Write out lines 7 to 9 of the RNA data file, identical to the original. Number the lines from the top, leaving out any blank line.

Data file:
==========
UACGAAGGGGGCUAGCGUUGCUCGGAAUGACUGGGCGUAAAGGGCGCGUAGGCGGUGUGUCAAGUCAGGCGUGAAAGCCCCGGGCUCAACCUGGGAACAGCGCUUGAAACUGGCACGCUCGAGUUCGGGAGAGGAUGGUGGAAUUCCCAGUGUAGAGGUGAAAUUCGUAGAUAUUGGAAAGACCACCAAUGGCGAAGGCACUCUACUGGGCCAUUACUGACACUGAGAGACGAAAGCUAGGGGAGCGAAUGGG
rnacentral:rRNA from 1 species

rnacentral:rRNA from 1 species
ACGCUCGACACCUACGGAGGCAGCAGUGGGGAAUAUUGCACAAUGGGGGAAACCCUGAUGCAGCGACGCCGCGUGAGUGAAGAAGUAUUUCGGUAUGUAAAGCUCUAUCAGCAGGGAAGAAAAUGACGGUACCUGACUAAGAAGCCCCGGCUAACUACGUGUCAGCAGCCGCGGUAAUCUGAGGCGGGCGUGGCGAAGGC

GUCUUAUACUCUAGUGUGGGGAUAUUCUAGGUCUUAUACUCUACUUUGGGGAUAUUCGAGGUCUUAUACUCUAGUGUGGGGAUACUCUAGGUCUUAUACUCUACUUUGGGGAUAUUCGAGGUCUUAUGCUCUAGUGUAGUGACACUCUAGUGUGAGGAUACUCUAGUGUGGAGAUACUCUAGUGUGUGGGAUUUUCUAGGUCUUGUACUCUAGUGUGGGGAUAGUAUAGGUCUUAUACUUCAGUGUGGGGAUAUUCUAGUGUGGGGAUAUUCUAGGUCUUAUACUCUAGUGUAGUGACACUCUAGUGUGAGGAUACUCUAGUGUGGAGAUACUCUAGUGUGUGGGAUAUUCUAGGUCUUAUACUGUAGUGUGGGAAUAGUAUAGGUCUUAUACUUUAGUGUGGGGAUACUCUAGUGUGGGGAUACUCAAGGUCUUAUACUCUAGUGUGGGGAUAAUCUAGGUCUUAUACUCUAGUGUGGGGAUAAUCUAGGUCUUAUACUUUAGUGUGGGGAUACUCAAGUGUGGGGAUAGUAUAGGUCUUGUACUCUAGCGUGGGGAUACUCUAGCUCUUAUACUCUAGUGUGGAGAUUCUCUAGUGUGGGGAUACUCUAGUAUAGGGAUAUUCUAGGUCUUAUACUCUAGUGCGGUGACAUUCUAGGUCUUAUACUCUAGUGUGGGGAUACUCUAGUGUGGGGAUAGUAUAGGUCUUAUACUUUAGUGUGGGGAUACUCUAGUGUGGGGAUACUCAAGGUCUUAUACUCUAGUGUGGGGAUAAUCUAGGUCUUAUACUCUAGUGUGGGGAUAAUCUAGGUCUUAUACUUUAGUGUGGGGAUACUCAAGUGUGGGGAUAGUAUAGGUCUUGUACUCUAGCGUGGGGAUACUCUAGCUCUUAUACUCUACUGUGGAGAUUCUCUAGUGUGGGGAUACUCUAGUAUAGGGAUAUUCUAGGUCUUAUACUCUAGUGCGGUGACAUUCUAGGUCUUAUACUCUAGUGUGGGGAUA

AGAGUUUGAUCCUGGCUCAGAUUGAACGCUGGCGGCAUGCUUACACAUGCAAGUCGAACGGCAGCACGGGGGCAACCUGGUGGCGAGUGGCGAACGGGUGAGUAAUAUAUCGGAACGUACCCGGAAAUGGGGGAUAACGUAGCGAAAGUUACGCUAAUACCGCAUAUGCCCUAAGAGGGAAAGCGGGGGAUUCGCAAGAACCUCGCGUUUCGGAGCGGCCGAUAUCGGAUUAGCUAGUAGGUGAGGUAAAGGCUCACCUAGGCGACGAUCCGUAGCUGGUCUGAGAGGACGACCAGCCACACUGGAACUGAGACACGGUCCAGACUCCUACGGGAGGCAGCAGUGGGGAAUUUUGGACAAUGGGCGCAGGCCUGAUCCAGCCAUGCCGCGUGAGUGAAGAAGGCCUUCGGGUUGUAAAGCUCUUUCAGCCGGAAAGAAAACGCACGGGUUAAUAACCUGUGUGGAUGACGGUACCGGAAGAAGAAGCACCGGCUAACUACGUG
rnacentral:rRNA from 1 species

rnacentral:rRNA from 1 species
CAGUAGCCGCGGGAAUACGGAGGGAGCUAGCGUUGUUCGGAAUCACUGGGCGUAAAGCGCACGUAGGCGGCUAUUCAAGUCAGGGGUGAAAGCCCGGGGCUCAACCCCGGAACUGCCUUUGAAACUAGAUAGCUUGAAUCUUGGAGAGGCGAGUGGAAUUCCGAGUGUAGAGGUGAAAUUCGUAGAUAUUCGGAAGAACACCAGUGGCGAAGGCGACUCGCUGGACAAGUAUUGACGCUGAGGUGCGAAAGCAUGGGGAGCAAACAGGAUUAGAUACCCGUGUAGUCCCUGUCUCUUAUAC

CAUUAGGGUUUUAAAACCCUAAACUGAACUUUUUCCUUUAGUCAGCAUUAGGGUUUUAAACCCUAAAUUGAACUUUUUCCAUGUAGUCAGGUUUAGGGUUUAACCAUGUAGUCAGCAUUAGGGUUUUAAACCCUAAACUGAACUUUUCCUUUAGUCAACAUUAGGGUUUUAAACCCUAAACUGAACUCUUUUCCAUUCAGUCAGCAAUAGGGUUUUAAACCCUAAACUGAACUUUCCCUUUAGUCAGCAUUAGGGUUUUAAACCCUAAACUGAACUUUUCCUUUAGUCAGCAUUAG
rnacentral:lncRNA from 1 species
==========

rnacentral:rRNA from 1 species

rnacentral:rRNA from 1 species
CAGUAGCCGCGGGAAUACGGAGGGAGCUAGCGUUGUUCGGAAUCACUGGGCGUAAAGCGCACGUAGGCGGCUAUUCAAGUCAGGGGUGAAAGCCCGGGGCUCAACCCCGGAACUGCCUUUGAAACUAGAUAGCUUGAAUCUUGGAGAGGCGAGUGGAAUUCCGAGUGUAGAGGUGAAAUUCGUAGAUAUUCGGAAGAACACCAGUGGCGAAGGCGACUCGCUGGACAAGUAUUGACGCUGAGGUGCGAAAGCAUGGGGAGCAAACAGGAUUAGAUACCCGUGUAGUCCCUGUCUCUUAUAC